For a whole ninety minutes it was on me. On me beautifully if you want my occasionally humble opinion. All I did was wear it on a mission of gloating. To a store. Where customers exist. Customers wanting something specific. So specific as to be appropriate for wearing on a cruise where soft ocean breezes might chill the shoulders whilst sitting upon a veranda. Something worthy of celebrating a 50th wedding anniversary.

"With a love that the wandering traveler coveted my FLS"

Cut to the chase.....offer made, dollars discussed, sale completed in under five minutes.

Came home and cast on for another February Lady Sweater. Such is life.

I Am A Lady Sweater

A little late for the bandwagon, but I have finished my first February Lady Sweater. You'll find the free pattern on Ravelry and via flintknits as well. My original plan was to make the sweater a length similar to the photo on the pattern. As I showed the work in progress to a friend, she commented that the waist length looked so good on me.

My goodness! All I wanted was a bit of encouragement to get on with it. There I sat, thinking that I had probably 4 more repeats of the lace and the 1.5 inches of garter left to work. Well, that little thought went totally out of my brain only to be replaced with a new thought. If I stopped at that point and did the garter border - the body would be finished and hit at about my waist. (And here I am meaning an old lady waist. Not a flitty young waist. )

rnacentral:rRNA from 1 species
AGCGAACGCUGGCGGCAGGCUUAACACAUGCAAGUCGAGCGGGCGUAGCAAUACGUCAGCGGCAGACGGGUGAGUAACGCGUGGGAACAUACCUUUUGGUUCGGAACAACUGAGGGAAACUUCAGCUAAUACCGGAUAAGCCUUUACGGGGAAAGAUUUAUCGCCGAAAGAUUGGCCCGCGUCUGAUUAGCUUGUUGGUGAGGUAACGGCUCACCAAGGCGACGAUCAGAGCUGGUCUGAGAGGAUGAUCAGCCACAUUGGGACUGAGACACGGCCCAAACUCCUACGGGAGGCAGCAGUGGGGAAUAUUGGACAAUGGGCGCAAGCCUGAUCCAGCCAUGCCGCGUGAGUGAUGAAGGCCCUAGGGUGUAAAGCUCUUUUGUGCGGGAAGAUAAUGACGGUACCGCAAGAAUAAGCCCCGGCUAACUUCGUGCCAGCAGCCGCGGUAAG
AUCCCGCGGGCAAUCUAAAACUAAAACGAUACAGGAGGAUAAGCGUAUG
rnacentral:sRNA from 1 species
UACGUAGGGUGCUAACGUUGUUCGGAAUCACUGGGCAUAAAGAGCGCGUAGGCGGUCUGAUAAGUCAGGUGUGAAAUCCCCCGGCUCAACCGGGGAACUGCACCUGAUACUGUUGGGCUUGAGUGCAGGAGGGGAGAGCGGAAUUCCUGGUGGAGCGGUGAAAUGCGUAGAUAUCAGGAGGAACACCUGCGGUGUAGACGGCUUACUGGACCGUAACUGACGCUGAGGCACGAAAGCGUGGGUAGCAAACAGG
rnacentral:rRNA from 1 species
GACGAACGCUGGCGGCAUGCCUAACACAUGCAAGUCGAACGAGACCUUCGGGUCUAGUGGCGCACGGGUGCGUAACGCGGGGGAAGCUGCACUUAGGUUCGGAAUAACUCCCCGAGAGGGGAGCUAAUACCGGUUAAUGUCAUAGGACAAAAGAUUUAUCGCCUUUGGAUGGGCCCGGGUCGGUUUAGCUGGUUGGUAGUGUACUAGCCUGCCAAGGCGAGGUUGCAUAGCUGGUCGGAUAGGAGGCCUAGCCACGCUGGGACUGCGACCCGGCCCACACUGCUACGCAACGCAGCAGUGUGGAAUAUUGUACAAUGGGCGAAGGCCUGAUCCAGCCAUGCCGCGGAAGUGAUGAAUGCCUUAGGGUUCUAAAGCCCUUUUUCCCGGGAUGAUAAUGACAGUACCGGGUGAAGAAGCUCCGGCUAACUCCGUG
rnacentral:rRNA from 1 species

So that is exactly what I did. I took the observation of another and turned it into advice worth heeding. I am loving the result.

Having shortened the body, the sleeve length seemed obvious and well balanced just above the elbow.

Saturday, August 1, 2009

Decorative Three Needle Bind Off

Riverside Knitting Guild had a wonderful meeting today. Being a first Saturday, we did have that business stuff to get out of the way. But then one of our members gave a mini lesson on a more decorative three needle bind off that is meant to be seen on the public side.

Imagine a standard three needle bind off with stitches on two needles and a spare ready to work the magic. Live stitches (or picked up stitches if that is what you are doing) are held wrong side together. Of course there must be the same number of stitches on both needles - that part is standard for a three needle bind off. Then comes the difference. With this version, the goal is to have the seam actually show on the right side.

Let's pretend that you want to join two pieces worked in stockinette. Remember to hold the two pieces in the left hand with wrong sides touching. On the left front needle, which presents to you as knit stitches, k2tog. Then on the back needle, which presents as purl, simply p2tog. (yes, the yarn must be positioned correctly) There are now two stitches on the right needle. Pass the first worked stitch (the one from the k2tog) over the just worked stitch (which is the stitch resulting from the p2tog).

There will now be only one stitch on the right needle. So, it is time to return to the left front needle and k2tog. The result will be two stitches on the right needle once again. Pass the old over the new! And what do you know? All is ready to p2tog from the back needle.

Keep up the k2tog 0r p2tog appropriately, each time passing the the old stitch over the new one on the right needle. A lovely raised seam that looks much better than this fuzzy, but excitedly photographed, first effort will appear.

Already I am imagining seaming a patchwork blanket this way. Or the front and back of a pillow and doing the decorative three needle bind off in a contrasting yarn. Oh, the possibilities! Yep, this decorative seam is a keeper.